Originally, I had planned to be trackside somewhere in the Gorge on Monday morning. Instead, I was impatiently waiting on the sidewalk outside of a camera shop in North Portland. At 9:03 a.m. Pacific Time, a dapper gentleman dressed in shirt and tie unlocked the doors and let me into the 35mm mecca that is Blue Moon Camera. I quickly explained my problem. “Oh yeah, that is common on the EOS body. Most important part made from the weakest material possible.” I asked if a repair was possible and the response was affirmative. “Hopefully we can get the parts by the end of the week, and get it back to you about a week after.” A week after? I want to start shooting this afternoon! Plan Z started to look like a candidate for promotion when I glanced over at the cases that held a considerable amount of used equipment.
“Do you have any other EOS bodies?” I asked, not without a hint of desperation in my voice. The clerk dutifully produced three specimens. Two were models that were somewhat updated versions of what I already had that cost nearly the same as a brand new Rebel. The third one looked familiar, but less refined. It was the EOS A2, first introduced in 1992 (when I was a freshman in high school) and sold through 1998 (when I was a junior in college). Visually, it was like comparing an old beige Apple II to a flashy platinum Apple IIe; they both essentially did the same thing, though one had some slightly updated electronics in a more stylish case. Like I said, I’m a bit of a dinosaur.
There was some heft felt as I picked up the A2 body. I slapped on one of my lenses and quickly scanned around the shop testing focus and exposure controls. I pressed the button and the shutter released cha-thunk, not sounding much different from a well-worn time clock validating timecards at a steel mill.
Sixty-five dollars later, I was out the door and headed east into the Columbia River Gorge. The air was thick with smoke as a result of wildfires burning as far away as Montana. As I made my way along Route 14, the haze was ever-present. Not much traffic on BNSF this day as I continued on to Wishram, Wash. One of the railroad’s fire trains was staged here, prepared to do battle should the mainline become threatened, as had been the case elsewhere. The sun managed to burn through, so I reached for both cameras and began to take pictures. With one body taped shut and the other one feeling as foreign as that French final I flunked in high school, I wasn’t really sure anything I was shooting was going to come out, but it was worth a try. I cautiously recorded the scene before me using both bodies and my assortment of lenses.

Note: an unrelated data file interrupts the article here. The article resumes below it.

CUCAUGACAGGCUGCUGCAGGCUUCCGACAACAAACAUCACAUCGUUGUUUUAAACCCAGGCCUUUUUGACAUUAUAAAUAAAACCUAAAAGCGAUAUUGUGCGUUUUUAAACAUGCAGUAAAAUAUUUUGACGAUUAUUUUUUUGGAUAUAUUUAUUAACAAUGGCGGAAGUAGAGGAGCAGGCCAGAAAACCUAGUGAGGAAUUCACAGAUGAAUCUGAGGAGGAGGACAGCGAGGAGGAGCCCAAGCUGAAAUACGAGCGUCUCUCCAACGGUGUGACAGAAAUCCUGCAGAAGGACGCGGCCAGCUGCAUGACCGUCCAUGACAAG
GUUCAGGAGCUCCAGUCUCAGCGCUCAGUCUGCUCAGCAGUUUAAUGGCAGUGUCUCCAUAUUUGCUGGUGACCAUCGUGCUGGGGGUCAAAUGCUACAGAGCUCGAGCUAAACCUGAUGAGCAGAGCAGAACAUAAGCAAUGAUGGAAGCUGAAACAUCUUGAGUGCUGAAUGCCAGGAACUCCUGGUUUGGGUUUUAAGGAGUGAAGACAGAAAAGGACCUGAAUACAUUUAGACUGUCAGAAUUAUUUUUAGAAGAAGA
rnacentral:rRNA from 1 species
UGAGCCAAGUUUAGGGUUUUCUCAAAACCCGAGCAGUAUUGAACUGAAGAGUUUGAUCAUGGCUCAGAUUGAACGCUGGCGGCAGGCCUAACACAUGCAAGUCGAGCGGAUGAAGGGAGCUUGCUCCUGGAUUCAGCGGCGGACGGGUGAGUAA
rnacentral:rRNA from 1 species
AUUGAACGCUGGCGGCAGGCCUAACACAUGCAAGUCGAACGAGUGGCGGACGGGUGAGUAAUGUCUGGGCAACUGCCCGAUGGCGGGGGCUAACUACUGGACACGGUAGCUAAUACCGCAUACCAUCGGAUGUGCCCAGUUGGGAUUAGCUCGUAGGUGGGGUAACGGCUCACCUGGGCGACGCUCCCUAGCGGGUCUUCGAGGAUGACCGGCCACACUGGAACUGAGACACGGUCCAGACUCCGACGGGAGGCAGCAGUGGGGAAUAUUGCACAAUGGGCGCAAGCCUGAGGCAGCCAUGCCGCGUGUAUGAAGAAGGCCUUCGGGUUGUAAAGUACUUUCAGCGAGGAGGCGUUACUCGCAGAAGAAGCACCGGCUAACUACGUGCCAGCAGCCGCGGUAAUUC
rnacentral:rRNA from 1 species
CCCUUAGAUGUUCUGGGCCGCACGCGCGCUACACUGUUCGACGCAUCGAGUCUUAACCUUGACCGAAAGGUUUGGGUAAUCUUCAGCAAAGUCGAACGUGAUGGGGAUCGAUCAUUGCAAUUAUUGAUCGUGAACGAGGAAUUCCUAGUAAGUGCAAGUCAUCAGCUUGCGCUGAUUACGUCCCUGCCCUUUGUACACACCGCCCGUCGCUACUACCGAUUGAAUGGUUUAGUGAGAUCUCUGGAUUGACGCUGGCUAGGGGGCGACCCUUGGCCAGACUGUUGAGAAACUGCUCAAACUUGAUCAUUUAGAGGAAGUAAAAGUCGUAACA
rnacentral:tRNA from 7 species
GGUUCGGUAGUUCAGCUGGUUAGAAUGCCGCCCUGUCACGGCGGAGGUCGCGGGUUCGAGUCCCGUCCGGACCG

With No. 1751 in the clear, No. 216 will bring out the Notch Train for boarding next. The lower-quadrant semaphore signal is fully operational. Photo by David Scheiderich
Dinner plans included visiting with my 93-year-old Aunt Charlotte in Bend, Ore., so I turned my car south and followed the Oregon Trunk. I came across no trains the rest of the day, but had a nice visit with my aunt.
Tuesday in the Deschutes wasn’t much better until I returned to Wishram. Thanks to a tip from contributor Robert Scott, I was able to tap into a local ATCS monitor to see that BNSF had finally come alive. I headed west to set up for shots along Route 14 and its many dramatic tunnel scenes.
Reaching Hood River, Wash., I was preparing to intercept a westbound at the tunnels near Drano Lake. Reaching back for my trusty Elan 7, my heart sank when I discovered the gaffers tape I had used to replace the worn duct tape had loosened up and was now allowing light into the camera. Devastated, I quickly grabbed the A2 and slapped my telephoto on. I managed to get the shot, but not as many frames because of the slower motor-drive. I did manage to chase two more westbounds at various locations before heading to dinner in Portland.
I spent Wednesday morning exploring the new Tri-Met WES (Westside Express Service) commuter rail line, which is operated with unique Colorado Railcar DMUs. I followed up with some more light rail scenes downtown before it was time to switch gears and start getting ready for the train show set-up.
Returning home to New York, I quickly relegated the two EOS (or should that be OOS?) Elan bodies to the closet. I was back on deadline and didn’t give a second thought to cameras for a while.